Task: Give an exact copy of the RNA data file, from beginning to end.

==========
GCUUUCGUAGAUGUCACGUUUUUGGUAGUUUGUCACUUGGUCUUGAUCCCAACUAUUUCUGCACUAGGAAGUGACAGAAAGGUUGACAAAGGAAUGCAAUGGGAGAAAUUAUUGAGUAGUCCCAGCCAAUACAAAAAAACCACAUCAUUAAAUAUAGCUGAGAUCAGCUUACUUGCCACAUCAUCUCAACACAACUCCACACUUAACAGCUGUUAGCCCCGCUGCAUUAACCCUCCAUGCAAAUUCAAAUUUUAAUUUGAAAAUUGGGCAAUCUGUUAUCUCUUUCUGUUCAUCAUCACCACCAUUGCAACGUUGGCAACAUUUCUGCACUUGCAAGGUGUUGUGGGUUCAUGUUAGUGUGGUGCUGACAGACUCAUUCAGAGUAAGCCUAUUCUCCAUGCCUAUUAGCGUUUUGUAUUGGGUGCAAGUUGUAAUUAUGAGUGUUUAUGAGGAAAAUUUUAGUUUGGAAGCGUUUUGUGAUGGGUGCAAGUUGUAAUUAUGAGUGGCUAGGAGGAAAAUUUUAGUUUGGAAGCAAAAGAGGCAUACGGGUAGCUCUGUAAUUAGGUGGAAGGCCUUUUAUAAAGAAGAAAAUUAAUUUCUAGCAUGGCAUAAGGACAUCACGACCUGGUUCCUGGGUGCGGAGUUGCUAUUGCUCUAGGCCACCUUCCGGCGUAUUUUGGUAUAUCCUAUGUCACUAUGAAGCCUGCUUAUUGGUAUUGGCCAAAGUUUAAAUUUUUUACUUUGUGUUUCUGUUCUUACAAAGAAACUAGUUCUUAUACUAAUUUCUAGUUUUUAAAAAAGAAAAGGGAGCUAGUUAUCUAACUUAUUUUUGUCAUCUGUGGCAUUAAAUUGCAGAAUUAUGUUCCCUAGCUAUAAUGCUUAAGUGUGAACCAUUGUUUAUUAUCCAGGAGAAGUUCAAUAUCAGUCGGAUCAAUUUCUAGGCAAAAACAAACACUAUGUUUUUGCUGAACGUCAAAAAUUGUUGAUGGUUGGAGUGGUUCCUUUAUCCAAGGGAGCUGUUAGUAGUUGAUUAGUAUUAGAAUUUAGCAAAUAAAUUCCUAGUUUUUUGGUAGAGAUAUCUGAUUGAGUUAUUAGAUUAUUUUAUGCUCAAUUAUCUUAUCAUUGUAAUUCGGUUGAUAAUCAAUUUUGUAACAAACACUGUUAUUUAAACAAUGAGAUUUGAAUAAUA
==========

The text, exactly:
GCUUUCGUAGAUGUCACGUUUUUGGUAGUUUGUCACUUGGUCUUGAUCCCAACUAUUUCUGCACUAGGAAGUGACAGAAAGGUUGACAAAGGAAUGCAAUGGGAGAAAUUAUUGAGUAGUCCCAGCCAAUACAAAAAAACCACAUCAUUAAAUAUAGCUGAGAUCAGCUUACUUGCCACAUCAUCUCAACACAACUCCACACUUAACAGCUGUUAGCCCCGCUGCAUUAACCCUCCAUGCAAAUUCAAAUUUUAAUUUGAAAAUUGGGCAAUCUGUUAUCUCUUUCUGUUCAUCAUCACCACCAUUGCAACGUUGGCAACAUUUCUGCACUUGCAAGGUGUUGUGGGUUCAUGUUAGUGUGGUGCUGACAGACUCAUUCAGAGUAAGCCUAUUCUCCAUGCCUAUUAGCGUUUUGUAUUGGGUGCAAGUUGUAAUUAUGAGUGUUUAUGAGGAAAAUUUUAGUUUGGAAGCGUUUUGUGAUGGGUGCAAGUUGUAAUUAUGAGUGGCUAGGAGGAAAAUUUUAGUUUGGAAGCAAAAGAGGCAUACGGGUAGCUCUGUAAUUAGGUGGAAGGCCUUUUAUAAAGAAGAAAAUUAAUUUCUAGCAUGGCAUAAGGACAUCACGACCUGGUUCCUGGGUGCGGAGUUGCUAUUGCUCUAGGCCACCUUCCGGCGUAUUUUGGUAUAUCCUAUGUCACUAUGAAGCCUGCUUAUUGGUAUUGGCCAAAGUUUAAAUUUUUUACUUUGUGUUUCUGUUCUUACAAAGAAACUAGUUCUUAUACUAAUUUCUAGUUUUUAAAAAAGAAAAGGGAGCUAGUUAUCUAACUUAUUUUUGUCAUCUGUGGCAUUAAAUUGCAGAAUUAUGUUCCCUAGCUAUAAUGCUUAAGUGUGAACCAUUGUUUAUUAUCCAGGAGAAGUUCAAUAUCAGUCGGAUCAAUUUCUAGGCAAAAACAAACACUAUGUUUUUGCUGAACGUCAAAAAUUGUUGAUGGUUGGAGUGGUUCCUUUAUCCAAGGGAGCUGUUAGUAGUUGAUUAGUAUUAGAAUUUAGCAAAUAAAUUCCUAGUUUUUUGGUAGAGAUAUCUGAUUGAGUUAUUAGAUUAUUUUAUGCUCAAUUAUCUUAUCAUUGUAAUUCGGUUGAUAAUCAAUUUUGUAACAAACACUGUUAUUUAAACAAUGAGAUUUGAAUAAUA